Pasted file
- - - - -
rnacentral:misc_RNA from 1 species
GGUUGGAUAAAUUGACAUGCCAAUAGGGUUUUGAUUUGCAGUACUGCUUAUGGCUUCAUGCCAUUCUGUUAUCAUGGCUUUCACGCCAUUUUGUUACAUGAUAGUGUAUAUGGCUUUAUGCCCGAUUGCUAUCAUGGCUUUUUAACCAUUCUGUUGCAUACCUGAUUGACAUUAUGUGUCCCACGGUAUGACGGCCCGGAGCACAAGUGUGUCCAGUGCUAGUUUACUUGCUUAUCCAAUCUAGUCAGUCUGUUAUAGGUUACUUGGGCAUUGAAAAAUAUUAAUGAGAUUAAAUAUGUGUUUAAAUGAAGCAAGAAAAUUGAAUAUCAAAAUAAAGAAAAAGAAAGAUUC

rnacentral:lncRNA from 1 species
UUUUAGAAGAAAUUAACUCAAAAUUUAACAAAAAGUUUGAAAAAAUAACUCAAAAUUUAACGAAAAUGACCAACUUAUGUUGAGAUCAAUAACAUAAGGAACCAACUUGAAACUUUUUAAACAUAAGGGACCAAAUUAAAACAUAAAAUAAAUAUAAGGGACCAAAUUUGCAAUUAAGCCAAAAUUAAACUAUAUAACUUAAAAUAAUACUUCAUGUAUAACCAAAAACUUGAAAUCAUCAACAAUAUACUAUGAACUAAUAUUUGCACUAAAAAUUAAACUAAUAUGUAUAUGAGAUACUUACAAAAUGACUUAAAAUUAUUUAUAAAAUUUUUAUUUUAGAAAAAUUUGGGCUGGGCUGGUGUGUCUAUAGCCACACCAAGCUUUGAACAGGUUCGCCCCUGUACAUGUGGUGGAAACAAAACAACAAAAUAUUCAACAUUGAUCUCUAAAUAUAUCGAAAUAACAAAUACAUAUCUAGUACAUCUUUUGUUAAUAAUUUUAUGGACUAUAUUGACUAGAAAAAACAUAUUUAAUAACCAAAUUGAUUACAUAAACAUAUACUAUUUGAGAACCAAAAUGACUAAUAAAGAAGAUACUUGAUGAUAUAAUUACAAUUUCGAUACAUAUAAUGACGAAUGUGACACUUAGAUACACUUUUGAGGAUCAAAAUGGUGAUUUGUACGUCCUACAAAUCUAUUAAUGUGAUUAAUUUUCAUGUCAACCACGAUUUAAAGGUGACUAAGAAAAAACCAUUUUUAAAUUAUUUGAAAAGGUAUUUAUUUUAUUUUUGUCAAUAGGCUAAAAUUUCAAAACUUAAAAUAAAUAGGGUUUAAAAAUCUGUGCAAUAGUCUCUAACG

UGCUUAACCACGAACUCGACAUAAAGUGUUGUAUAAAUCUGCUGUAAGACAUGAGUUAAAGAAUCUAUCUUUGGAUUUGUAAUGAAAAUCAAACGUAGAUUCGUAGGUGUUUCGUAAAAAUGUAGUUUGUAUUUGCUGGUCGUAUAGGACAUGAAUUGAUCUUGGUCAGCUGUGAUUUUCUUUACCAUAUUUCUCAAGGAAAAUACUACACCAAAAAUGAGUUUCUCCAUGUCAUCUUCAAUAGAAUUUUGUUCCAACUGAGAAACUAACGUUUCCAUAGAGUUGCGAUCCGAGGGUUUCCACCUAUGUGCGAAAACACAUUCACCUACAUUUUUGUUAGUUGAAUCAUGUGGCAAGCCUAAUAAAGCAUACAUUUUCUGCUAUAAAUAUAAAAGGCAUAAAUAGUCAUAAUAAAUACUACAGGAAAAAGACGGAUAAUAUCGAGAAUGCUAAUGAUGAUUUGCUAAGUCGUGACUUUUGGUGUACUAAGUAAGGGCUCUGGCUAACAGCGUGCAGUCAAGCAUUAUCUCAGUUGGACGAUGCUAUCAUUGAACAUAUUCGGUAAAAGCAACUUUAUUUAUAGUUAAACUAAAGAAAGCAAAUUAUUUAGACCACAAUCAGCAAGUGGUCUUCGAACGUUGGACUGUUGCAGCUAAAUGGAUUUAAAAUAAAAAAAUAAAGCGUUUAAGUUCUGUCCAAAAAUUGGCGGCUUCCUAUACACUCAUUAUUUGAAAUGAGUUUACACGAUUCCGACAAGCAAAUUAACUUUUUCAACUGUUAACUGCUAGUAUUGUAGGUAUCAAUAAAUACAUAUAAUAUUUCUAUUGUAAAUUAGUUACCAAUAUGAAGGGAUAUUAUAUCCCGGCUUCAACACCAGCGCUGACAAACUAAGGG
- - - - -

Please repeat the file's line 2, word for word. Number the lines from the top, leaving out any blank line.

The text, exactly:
GGUUGGAUAAAUUGACAUGCCAAUAGGGUUUUGAUUUGCAGUACUGCUUAUGGCUUCAUGCCAUUCUGUUAUCAUGGCUUUCACGCCAUUUUGUUACAUGAUAGUGUAUAUGGCUUUAUGCCCGAUUGCUAUCAUGGCUUUUUAACCAUUCUGUUGCAUACCUGAUUGACAUUAUGUGUCCCACGGUAUGACGGCCCGGAGCACAAGUGUGUCCAGUGCUAGUUUACUUGCUUAUCCAAUCUAGUCAGUCUGUUAUAGGUUACUUGGGCAUUGAAAAAUAUUAAUGAGAUUAAAUAUGUGUUUAAAUGAAGCAAGAAAAUUGAAUAUCAAAAUAAAGAAAAAGAAAGAUUC